Ila Tughat al-Alam

Ilá Ṭughāt al-‘Ālam (Arabic: الى طغاة العالم‎, English: To the Tyrants of the World), also known as Ela Toghat Al Alaam, is a poem written in the early 1900s by the Tunisian poet Aboul-Qacem Echebbi) during the French conquest of Tunisia.

It's also a song and a music video produced in the year 2002, during the second Intifada, by the Tunisian vocalist Latifa who sung the poem and dedicated it to Ariel Sharon and George W. Bush.

Legacy series

The Legacy series of essay collections was produced by Oxford University Press, from the early 1920s. It was aimed at Workers' Educational Association and university extension courses, and was an initiative of John Johnson.The more recent Appraisal volumes move away from general surveys, to include articles with a focus on the history of relevant literary topics.

List of book titles taken from literature

Many authors will use quotations from literature as the title for their works. This may be done as a conscious allusion to the themes of the older work or simply because the phrase seems memorable. The following is a partial list of book titles taken from literature. It does not include phrases altered for parody. (Titles taken from works by William Shakespeare do not appear here: see List of titles of works taken from Shakespeare.)


Mir-Khwānd (Mohammad ibn Khwāndshāh ibn Mahmud, written also as Mīr-Khwānd, Mirkhond, and other variants; 1433/1434–1498) was a noted Persian-language historian of the fifteenth century. He is known in Latin and Greek as Mirchond.

Ottoman cuisine

Ottoman cuisine is the cuisine of the Ottoman Empire and its continuation in the cuisines of Turkey, Greece, the Balkans, and parts of the Caucasus and the Middle East.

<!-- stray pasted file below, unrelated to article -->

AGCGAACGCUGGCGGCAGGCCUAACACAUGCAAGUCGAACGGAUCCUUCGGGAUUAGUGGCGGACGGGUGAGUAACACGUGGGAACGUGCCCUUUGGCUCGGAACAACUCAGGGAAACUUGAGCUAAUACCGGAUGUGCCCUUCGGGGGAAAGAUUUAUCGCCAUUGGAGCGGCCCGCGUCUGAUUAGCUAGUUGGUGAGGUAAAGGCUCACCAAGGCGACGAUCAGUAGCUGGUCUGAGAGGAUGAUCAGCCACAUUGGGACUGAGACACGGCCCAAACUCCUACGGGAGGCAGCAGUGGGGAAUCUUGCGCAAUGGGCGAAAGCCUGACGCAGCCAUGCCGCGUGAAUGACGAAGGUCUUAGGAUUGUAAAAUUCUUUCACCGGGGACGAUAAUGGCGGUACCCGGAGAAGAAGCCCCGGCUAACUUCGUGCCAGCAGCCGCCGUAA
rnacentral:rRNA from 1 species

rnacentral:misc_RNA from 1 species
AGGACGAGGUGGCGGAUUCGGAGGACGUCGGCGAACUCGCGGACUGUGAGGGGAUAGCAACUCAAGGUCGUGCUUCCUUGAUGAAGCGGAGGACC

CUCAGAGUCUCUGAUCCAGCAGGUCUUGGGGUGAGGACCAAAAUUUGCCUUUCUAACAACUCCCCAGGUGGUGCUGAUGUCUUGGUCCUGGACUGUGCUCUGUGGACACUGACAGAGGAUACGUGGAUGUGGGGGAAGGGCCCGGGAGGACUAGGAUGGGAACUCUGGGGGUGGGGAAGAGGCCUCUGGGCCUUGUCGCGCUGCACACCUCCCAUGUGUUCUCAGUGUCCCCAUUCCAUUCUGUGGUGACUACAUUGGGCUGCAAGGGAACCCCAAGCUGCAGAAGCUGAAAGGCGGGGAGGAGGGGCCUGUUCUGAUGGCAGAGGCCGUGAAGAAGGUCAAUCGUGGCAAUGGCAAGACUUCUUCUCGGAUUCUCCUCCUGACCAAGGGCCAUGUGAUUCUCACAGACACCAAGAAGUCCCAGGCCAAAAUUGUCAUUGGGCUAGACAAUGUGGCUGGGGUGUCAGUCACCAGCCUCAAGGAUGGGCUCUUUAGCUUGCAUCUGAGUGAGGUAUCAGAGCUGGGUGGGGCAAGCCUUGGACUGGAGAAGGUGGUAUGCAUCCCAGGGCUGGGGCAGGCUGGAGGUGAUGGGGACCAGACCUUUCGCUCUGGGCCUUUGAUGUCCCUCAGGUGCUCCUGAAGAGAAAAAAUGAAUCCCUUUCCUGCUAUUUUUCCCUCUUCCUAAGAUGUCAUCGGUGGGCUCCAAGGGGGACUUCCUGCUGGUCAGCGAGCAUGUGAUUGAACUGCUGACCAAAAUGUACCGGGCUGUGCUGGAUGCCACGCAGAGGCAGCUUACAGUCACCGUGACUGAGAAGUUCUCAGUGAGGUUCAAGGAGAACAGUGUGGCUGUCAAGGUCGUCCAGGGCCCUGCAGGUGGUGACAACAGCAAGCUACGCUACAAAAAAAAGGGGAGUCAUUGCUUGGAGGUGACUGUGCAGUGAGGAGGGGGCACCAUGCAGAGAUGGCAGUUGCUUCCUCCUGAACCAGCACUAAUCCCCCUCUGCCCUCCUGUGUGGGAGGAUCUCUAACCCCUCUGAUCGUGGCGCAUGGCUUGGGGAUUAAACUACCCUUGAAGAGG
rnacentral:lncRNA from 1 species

Placenta cake

Placenta is a dish from ancient Rome consisting of many dough layers interspersed with a mixture of cheese and honey and flavored with bay leaves, then baked and covered in honey. Cato included a recipe in his De Agri Cultura (160 BC). Cato writes: Shape the placenta as follows: place a single row of tracta along the whole length of the base dough. This is then covered with the mixture [cheese and honey] from the mortar. Place another row of tracta on top and go on doing so until all the cheese and honey have been used up. Finish with a layer of the placenta in the oven and put a preheated lid on top of it ... When ready, honey is poured over the placenta. It derives from the Greek term plakous (Ancient Greek: πλακοῦς, gen. πλακοῦντος – plakountos, from πλακόεις - plakoeis, "flat") for thin or layered flat breads, and Andrew Dalby considers it, and surrounding dessert recipes in Cato, to be in the "Greek tradition," possibly copied from a Greek cookbook. A flowery description of plakous was left by the Greek poet Antiphanes (fl. 3rd century BC).A number of scholars suggest that the Roman dessert's Eastern Roman (Byzantine) descendants, plakountas tetyromenous ("cheesy placenta") and koptoplakous (Byzantine Greek: κοπτοπλακοῦς), are the ancestors of modern tiropita (börek or banitsa) and baklava respectively. The name placenta (Greek: "πλατσέντα") is used today on the island of Lesbos in Greece to describe a baklava-type dessert of layered pastry leaves containing crushed nuts that is baked and then covered in honey. Another variant of the Roman dish survived into the modern era as the Romanian plăcintă cake.